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Ukraine Calls for Russia Sanctions Over Hungary Gas Deal

Ukraine said Friday it wants Germany and the United States to impose sanctions on Russia’s gas export monopoly Gazprom over its controversial deal with Hungary and Kiev’s loss of transit capacities.

Kiev slammed as “political” this week’s contract that will supply 4.5 billion cubic meters of Russian natural gas to Hungary every year until 2036 through non-Ukrainian transit routes. 

“Gazprom stopped gas transit through Ukraine to Hungary,” Yuri Vitrenko, the CEO of Ukraine’s pipeline operator Naftogaz, wrote on Facebook.

Vitrenko accused Gazprom of using gas exports as a “weapon” and said the Hungary deal “clearly demonstrates” its intent after Russia launches another pipeline that bypasses Ukraine to deliver gas to Germany, Nord Stream 2.

A joint statement from the United States and Germany indicates that in case of the Kremlin using gas as a weapon, there should be an appropriate reaction,” he said, referring to a U.S.-German deal in July that would threaten Russia with sanctions and extend gas transit through Ukraine.

We are now waiting for sanctions imposed on a 100% subsidiary of Gazprom, the Nord Stream 2 operator,” the Naftogaz CEO said.

Gazprom and the Kremlin have dismissed Ukraine’s concerns about the loss of its role as a transit provider. Russia and Gazprom have also maintained that the $12-billion Nord Stream 2 would increase the stability of Russian gas supplies to Europe.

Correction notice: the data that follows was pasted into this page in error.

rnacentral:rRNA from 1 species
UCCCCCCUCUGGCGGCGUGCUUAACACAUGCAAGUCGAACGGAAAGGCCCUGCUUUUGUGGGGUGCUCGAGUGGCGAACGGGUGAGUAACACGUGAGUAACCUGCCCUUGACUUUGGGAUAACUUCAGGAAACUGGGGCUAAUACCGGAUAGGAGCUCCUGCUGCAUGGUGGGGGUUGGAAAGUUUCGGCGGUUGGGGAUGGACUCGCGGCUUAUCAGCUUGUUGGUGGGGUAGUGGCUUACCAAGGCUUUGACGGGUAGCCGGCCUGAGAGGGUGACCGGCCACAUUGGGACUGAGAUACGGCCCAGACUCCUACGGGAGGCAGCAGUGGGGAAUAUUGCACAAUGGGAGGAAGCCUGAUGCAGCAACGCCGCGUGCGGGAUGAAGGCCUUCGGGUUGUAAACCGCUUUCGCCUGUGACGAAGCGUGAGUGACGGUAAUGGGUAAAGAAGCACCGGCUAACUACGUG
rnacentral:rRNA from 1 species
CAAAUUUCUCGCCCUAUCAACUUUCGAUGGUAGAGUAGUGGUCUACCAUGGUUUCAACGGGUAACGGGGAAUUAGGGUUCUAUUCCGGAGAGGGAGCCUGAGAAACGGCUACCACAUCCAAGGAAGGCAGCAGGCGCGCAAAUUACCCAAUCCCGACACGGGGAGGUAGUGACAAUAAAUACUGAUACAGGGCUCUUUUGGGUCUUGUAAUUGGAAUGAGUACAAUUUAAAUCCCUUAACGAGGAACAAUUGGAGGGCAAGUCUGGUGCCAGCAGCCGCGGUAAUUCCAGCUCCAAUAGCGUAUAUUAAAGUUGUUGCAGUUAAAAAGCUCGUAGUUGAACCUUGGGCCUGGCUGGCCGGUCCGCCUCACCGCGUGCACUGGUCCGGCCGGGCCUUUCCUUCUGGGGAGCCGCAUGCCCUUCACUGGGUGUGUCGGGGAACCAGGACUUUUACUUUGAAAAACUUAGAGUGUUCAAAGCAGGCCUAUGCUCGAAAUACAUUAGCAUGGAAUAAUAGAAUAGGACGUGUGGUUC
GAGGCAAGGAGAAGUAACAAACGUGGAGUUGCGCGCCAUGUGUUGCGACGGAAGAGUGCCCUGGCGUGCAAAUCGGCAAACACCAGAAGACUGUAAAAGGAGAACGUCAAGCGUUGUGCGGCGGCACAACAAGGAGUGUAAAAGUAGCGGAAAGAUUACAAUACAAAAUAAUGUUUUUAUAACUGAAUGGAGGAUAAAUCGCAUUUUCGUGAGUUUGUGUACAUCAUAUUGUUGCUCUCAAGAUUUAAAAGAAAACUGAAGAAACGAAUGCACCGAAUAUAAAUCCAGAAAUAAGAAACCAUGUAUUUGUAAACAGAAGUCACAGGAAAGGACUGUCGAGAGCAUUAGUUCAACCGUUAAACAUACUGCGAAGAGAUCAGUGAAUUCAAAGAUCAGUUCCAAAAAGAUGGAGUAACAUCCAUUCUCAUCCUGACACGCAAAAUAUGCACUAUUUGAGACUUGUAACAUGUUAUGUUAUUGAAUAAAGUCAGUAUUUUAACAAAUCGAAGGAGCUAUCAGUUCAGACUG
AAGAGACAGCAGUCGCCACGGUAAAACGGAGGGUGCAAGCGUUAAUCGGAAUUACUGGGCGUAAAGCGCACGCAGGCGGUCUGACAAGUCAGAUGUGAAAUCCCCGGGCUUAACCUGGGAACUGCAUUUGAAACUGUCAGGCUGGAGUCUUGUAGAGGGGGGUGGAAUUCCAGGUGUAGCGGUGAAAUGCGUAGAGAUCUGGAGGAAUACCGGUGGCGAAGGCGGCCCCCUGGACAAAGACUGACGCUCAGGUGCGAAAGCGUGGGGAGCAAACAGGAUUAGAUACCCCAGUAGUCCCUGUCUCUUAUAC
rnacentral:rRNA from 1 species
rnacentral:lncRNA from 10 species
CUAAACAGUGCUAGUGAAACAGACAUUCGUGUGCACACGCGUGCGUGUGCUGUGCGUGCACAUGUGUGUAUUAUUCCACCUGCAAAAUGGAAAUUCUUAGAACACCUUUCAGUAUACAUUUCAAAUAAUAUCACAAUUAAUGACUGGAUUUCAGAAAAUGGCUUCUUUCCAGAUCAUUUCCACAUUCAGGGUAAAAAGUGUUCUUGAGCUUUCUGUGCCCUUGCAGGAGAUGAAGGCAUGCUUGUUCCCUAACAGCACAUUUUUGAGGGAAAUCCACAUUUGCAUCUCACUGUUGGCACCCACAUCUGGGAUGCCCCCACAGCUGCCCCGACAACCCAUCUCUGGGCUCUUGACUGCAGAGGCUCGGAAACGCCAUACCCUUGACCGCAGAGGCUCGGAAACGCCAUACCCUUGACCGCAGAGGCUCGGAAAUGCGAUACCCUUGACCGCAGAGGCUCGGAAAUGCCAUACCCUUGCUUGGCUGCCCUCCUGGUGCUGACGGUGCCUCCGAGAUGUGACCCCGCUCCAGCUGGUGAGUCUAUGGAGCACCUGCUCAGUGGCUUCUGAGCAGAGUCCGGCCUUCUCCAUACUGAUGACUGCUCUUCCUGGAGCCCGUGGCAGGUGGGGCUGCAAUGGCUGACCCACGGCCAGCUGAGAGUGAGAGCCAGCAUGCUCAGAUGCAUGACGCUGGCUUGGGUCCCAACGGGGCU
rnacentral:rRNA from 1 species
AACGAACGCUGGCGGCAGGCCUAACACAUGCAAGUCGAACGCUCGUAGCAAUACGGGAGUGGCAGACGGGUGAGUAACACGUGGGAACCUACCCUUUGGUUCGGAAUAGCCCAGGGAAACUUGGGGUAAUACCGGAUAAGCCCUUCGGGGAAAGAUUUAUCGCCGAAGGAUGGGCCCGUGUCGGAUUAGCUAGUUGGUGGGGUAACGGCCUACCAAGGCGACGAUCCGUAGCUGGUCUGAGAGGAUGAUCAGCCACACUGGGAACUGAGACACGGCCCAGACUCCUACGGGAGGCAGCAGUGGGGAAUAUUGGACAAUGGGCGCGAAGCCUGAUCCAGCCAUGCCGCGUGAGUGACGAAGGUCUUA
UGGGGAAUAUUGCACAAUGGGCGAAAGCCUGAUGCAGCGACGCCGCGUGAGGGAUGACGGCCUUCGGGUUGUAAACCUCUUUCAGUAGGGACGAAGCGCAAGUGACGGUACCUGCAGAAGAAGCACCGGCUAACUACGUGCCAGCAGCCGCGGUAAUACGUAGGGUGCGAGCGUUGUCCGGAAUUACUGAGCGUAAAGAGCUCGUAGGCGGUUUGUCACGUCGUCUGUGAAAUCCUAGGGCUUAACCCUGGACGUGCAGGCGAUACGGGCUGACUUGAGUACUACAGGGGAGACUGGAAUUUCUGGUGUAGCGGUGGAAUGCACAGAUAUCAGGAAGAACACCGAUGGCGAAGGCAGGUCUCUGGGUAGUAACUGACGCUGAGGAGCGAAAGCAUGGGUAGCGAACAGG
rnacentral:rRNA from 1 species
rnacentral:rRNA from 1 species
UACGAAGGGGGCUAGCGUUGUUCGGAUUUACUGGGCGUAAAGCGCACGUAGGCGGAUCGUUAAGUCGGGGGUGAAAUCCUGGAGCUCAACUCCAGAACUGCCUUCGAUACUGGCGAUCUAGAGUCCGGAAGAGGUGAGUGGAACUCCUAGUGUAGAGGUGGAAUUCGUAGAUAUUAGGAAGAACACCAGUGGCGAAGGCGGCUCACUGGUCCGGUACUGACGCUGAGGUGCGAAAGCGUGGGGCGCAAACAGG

Ukraine’s accusations come amid calls by European parliamentarians to investigate possible market manipulation by Gazprom amid record-high gas prices in Europe. The EU lawmakers claim that the company refuses to export gas to exert pressure on Europe as Nord Stream 2 awaits certification by German regulators after its recent completion. 

The Kremlin says Russia is fulfilling its gas export obligations under existing contracts and denies that it is attempting to speed up the Nord Stream 2 approval process through natural gas export manipulation. 

Ukraine makes around $3 billion a year by transiting Russian gas to Europe — a commercial relationship which has persisted despite the ongoing war between Russian-backed separatists in the Donbass and Russia’s annexation of Crimea in 2014.

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